While the number of traffic deaths across the country remained near the same level as 2018, pedestrian fatalities rose by an estimated 5% in 2019, making it the deadliest in 30 years.
An analysis of state and federal data by the Governors Highway Safety Association (GHSA) estimates that 6,590 pedestrians died along American roadways last year, compared to 6,227 in 2018.
Several worrisome trends develop
Pedestrian deaths have increased by more than 50% in the past decade and accounted for 17% of all traffic deaths last year based on GHSA projections. That compares to 12% in 2009. The report cites many disturbing trends, including:
- Most pedestrian fatalities happen at night on local roads away from intersections
- Unsafe driving behaviors, such as distracted and drowsy driving and speeding pose risks to pedestrians
- Alcohol impairment was reported in nearly half of all crashes resulting in deaths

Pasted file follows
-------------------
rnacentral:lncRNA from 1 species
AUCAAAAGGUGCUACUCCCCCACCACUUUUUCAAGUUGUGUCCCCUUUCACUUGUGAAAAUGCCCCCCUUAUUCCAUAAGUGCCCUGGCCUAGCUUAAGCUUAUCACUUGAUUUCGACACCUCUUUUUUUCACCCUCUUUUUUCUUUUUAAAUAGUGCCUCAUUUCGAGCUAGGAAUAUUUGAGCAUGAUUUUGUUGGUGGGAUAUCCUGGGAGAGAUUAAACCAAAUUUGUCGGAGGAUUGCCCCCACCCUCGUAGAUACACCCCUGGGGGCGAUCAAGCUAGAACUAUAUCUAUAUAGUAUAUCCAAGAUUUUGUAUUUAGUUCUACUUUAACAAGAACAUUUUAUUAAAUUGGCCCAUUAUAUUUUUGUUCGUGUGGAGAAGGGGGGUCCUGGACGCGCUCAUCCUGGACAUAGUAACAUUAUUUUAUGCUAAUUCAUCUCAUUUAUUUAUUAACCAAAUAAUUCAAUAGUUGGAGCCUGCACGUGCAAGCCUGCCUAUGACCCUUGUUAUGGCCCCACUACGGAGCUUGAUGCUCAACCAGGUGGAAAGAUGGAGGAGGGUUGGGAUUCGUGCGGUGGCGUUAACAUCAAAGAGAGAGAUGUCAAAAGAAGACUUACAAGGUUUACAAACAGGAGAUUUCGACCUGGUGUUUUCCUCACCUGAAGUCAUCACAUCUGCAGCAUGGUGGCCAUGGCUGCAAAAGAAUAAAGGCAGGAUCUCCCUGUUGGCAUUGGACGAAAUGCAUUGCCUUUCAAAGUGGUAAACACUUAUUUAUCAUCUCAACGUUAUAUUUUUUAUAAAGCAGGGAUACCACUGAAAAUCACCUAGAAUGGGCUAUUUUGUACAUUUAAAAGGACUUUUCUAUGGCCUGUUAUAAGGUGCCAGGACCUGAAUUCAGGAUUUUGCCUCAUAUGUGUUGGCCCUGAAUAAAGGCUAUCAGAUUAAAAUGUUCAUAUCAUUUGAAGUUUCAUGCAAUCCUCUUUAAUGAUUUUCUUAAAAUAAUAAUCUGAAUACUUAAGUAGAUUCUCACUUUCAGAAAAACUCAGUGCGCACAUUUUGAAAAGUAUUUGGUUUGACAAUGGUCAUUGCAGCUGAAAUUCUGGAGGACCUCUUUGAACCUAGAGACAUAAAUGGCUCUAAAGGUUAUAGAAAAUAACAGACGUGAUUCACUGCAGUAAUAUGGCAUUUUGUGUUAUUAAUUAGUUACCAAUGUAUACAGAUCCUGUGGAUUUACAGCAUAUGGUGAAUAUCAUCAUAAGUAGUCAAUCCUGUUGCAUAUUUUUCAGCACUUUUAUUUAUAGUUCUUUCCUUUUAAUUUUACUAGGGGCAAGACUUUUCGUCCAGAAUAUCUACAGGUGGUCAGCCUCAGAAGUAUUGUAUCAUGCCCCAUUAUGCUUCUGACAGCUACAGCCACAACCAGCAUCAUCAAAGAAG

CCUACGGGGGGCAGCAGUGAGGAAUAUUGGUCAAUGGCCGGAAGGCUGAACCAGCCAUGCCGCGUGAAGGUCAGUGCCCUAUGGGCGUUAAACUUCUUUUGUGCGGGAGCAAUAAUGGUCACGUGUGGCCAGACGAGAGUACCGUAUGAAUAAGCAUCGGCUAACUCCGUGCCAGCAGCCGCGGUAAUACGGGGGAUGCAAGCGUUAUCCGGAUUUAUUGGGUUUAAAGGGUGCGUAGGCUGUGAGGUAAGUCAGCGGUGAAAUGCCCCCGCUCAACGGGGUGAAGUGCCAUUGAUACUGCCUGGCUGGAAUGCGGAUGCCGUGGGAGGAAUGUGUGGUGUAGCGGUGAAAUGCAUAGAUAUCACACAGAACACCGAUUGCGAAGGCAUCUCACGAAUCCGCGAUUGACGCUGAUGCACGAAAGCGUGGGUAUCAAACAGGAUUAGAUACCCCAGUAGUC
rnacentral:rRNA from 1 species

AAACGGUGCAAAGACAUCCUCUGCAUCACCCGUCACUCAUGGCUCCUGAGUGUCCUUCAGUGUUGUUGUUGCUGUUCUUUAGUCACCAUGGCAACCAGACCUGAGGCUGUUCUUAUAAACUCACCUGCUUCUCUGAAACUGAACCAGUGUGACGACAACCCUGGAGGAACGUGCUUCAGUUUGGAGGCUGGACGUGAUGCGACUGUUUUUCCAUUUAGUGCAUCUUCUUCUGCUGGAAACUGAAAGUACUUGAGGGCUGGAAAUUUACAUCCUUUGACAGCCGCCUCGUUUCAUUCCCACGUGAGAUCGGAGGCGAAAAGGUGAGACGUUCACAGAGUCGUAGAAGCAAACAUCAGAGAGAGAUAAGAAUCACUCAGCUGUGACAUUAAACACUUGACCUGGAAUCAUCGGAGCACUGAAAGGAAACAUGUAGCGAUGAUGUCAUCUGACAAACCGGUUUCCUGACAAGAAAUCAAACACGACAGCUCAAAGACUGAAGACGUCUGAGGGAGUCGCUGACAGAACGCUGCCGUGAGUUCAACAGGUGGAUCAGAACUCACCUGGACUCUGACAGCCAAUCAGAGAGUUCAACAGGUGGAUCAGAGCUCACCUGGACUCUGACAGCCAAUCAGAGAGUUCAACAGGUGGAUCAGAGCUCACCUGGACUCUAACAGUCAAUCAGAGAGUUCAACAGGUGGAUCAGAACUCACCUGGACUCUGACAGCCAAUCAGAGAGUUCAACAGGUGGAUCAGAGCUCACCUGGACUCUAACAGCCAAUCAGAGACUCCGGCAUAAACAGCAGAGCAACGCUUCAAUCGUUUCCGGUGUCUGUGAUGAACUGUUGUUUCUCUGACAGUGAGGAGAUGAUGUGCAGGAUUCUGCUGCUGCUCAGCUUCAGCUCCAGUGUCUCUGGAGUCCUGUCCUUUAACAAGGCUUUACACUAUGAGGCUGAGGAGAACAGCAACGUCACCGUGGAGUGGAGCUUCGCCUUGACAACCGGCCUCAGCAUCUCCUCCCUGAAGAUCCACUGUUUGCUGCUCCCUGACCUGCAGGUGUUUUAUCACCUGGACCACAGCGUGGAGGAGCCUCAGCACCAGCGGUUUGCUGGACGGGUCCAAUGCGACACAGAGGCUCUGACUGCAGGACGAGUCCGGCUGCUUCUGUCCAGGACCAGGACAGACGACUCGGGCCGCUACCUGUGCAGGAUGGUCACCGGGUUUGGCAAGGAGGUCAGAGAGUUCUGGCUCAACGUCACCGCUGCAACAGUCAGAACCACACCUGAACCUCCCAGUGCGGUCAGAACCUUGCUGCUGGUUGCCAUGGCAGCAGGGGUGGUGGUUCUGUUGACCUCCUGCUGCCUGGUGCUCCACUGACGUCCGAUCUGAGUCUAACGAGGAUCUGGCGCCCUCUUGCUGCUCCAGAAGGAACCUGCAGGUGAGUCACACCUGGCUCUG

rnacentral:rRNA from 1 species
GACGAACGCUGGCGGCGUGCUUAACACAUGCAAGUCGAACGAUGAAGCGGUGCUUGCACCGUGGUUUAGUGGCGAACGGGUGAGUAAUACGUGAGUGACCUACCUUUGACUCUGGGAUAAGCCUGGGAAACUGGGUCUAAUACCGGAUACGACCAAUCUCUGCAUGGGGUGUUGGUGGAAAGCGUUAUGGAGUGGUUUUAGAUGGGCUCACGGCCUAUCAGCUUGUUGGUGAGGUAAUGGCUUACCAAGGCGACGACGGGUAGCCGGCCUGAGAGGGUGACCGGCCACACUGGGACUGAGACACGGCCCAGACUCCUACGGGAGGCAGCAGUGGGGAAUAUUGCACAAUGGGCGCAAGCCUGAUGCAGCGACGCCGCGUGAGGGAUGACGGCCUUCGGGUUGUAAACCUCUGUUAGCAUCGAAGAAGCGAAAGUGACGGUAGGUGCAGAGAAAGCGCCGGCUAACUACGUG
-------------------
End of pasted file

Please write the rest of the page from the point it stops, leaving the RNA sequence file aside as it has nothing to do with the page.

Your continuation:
- Pedestrians struck by SUVs are twice as likely to die from their injuries
Five states account for almost half of all fatalities
Iowa was one of 30 states that saw a rise in the number of pedestrian deaths. The Hawkeye State had 10 fatalities in 2019 compared to nine the year before, and five states – California, Florida, Texas, New York and Georgia – accounted for 47% of all deaths.
California recorded 519 fatalities, followed by Florida with 368 and Texas with 313. From there, a significant decrease is seen in New York at 120. New Mexico had the highest rate of pedestrian deaths per population, and Vermont had the lowest.
A coordinated response is needed to reduce deaths
The GHSA says it will take a comprehensive effort to reduce pedestrian deaths as well as the thousands of nonfatal injuries that result each year. The group says improvements in enforcement, engineering, education and emergency medical response are sorely needed. The group points to state safety efforts, such as the Iowa Department of Transportation’s Zero Fatalities program, as vital to the effort to improve safety.